Blended Lettering with Tombow Markers

Over the past few months I’ve been seeing some letterers and calligraphers on Instagram using Tombow markers and blending colors with them. I’ve done the “scribble on plastic and pick up color with a different marker” technique, but I’ve never tried blending the markers on the paper. (Why have I never thought of this?) Anyhow, I thought I would try my hand at a fun envelope with blended Tombow marker.

NOTE: The colors used and floral design were directly inspired by this image I found on Instagram. Jordanne Marie is an amazing calligraphy and artist. Check out her blog.

In the past when I’ve used blender pens, I’ve used watercolor paper since it can handle more moisture. For heavy blending, it just makes sense to use watercolor paper. So I made this envelope out of 90 lb. Canson watercolor paper. I chose this watercolor paper in particular because of it’s weight. Anything heavier would be cumbersome to fold and could possibly crack.

I used the We R Memory Keepers 1-2-3 Punch Board to create the envelope out of the watercolor paper. I didn’t include that part in the video, so if you need better instruction on using the punch board, please see the beginning of this video.

In earlier testing, I discovered that trying to erase pencil lines that were underneath the marker only lead to smudging, so I instead of penciling on Rachel’s name I wrote it on a separate piece of paper and traced it using a light pad. I really love my Huion Light Pad because it’s so thin, compact, easy to store, and also easy on the wallet.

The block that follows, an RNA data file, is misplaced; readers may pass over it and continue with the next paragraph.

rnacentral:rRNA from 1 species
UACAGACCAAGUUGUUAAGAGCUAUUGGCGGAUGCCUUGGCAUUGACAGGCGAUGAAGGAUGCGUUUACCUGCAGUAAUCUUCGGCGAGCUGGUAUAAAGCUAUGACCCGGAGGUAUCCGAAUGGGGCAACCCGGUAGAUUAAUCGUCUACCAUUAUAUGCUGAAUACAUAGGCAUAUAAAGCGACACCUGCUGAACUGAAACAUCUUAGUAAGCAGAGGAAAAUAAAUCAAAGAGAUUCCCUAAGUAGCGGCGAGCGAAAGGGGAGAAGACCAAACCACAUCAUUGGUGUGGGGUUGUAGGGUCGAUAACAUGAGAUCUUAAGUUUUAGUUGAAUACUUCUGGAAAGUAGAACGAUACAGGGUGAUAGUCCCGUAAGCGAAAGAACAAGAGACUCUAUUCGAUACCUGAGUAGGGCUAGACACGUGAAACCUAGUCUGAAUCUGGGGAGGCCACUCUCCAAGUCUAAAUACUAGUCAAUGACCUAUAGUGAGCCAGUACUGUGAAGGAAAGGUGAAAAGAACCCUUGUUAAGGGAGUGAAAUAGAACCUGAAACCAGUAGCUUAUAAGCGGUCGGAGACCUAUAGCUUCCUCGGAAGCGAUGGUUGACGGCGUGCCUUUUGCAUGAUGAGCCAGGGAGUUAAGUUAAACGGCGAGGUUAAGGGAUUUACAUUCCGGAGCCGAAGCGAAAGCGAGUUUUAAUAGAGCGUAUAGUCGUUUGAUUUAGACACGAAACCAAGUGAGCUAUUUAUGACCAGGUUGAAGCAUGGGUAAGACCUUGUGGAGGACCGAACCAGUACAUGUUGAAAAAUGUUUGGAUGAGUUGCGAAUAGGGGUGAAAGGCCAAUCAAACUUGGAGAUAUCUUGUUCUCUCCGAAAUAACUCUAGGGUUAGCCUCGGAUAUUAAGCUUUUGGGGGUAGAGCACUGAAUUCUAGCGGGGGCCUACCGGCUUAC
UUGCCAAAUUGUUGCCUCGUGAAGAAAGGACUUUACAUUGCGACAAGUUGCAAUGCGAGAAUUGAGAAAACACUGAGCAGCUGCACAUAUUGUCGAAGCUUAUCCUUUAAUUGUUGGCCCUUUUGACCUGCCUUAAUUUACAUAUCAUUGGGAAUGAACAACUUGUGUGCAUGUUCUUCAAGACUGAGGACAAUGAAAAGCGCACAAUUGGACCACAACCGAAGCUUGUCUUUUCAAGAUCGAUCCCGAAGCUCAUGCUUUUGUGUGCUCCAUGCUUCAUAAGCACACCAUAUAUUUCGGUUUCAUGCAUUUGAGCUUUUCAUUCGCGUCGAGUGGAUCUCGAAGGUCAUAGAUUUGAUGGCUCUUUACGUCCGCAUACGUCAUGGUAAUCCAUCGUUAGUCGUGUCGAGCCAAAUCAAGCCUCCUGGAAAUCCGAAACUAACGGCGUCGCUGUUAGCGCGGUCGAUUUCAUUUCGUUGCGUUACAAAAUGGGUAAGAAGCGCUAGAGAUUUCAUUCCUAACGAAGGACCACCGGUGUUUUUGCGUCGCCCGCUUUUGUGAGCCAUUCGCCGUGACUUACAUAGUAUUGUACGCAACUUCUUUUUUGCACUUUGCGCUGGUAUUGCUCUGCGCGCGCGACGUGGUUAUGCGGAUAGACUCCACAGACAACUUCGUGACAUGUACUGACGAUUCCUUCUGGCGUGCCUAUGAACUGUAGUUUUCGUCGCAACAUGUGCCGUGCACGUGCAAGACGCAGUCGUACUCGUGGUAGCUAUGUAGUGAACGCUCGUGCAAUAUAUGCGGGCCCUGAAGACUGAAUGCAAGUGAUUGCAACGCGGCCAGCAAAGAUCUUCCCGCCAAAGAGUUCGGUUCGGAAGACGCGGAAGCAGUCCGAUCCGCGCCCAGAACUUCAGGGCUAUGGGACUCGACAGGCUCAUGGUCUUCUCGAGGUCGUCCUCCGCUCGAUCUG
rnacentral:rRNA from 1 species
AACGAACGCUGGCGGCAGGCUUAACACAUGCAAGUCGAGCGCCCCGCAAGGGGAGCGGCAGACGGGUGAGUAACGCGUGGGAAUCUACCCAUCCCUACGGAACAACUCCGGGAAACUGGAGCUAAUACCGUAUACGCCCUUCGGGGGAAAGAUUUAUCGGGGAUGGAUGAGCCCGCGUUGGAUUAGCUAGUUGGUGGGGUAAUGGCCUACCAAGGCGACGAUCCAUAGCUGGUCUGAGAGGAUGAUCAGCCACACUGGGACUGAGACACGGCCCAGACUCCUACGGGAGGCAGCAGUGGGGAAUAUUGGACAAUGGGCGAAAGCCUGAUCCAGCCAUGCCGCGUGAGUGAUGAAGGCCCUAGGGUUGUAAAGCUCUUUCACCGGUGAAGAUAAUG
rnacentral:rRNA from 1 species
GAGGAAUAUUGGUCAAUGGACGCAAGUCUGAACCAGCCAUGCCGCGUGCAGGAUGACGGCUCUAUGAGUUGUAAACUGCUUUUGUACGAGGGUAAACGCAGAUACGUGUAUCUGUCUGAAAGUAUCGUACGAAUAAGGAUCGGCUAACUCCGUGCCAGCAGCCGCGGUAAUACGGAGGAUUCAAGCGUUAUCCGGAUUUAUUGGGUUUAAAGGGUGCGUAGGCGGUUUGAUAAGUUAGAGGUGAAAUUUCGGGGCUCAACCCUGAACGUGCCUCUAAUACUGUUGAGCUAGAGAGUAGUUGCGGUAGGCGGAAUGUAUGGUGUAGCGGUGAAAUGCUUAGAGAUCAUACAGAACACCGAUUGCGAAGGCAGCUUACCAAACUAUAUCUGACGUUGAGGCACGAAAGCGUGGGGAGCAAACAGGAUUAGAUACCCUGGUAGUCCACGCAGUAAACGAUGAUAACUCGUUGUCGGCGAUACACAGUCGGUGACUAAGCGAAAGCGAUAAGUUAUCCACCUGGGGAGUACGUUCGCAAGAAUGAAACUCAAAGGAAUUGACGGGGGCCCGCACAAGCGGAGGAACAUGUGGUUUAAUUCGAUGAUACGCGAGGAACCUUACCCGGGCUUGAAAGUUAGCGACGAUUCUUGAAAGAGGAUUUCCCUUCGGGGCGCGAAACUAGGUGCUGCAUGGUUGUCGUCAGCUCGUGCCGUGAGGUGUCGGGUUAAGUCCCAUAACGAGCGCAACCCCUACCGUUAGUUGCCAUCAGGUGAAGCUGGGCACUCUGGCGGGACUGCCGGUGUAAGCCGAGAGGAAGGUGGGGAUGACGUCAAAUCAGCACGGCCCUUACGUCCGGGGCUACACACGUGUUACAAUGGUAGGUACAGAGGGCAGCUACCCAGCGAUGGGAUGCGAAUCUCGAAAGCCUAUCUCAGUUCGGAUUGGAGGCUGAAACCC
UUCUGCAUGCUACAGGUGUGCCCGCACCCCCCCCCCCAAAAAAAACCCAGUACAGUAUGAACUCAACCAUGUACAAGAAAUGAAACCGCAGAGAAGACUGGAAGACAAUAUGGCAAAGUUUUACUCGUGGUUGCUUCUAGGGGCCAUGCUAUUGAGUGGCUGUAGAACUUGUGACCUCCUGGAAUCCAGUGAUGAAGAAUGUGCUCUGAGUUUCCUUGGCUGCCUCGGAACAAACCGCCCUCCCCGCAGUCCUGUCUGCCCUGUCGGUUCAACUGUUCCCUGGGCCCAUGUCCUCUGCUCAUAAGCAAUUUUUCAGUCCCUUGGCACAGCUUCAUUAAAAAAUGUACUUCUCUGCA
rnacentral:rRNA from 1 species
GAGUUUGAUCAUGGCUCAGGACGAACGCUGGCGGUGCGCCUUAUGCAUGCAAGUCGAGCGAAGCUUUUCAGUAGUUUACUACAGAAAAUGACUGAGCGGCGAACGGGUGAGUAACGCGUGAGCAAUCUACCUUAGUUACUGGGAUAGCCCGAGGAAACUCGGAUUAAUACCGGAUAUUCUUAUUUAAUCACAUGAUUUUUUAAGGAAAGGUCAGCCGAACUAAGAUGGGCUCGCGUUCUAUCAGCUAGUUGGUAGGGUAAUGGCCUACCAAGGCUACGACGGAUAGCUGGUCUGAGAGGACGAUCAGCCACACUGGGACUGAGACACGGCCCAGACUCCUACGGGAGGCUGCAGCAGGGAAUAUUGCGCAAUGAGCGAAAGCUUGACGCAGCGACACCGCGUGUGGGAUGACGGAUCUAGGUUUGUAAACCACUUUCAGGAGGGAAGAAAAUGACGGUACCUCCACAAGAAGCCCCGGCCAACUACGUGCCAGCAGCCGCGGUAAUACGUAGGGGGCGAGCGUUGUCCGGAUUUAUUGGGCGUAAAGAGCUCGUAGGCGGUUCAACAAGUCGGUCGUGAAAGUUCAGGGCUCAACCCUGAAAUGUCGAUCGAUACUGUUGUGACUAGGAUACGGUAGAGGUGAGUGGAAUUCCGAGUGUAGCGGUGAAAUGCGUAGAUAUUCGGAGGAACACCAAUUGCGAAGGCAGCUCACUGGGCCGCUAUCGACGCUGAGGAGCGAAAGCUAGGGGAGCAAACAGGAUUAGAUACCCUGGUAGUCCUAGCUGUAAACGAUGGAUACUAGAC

I traced the lettering with light pink and light blue markers. Then I set the light pad aside and and added a darker pink to the top of “Rachel” and a darker blue to the bottom of “Bergfeld.” Then I used the N00 Colorless Blender to soften the color transition between the two shades on each part of Rachel’s name. I was so excited to see how easy it was to blend!

For her address, I used a Pilot Envelope Addressing Pen (Extra Fine). It is waterproof and a good line weight for addresses. At this point, I added the postage stamps.

I used the same “light color first, darker color second, then blend” method to draw flowers and leaves around the envelope as well.

In the past I’ve used Distress Micro Glaze to seal and protect artwork from moisture. However, in previous testing it smeared the blended Tombow marker. This could have been because the marker hadn’t completely dried. I’m not entirely sure. To be safe, I decided to use a trick I learned online. I used a light spritz of regular hair spray. This should help protect the design. However, if I had some on hand, I would have use a fixative spray that is intended for artwork.

I hope you enjoy today’s video! Thanks for stopping by! All of the supplies I used (including the specific marker colors I used) are listed below the video as per usual.

Watch video below | Watch at YouTube


Compensated affiliate links used when possible. Items marked with an asterisk (*) were provided by a store or the manufacturer. All other items were personally purchased. Items below are shown in the order they appear in the video.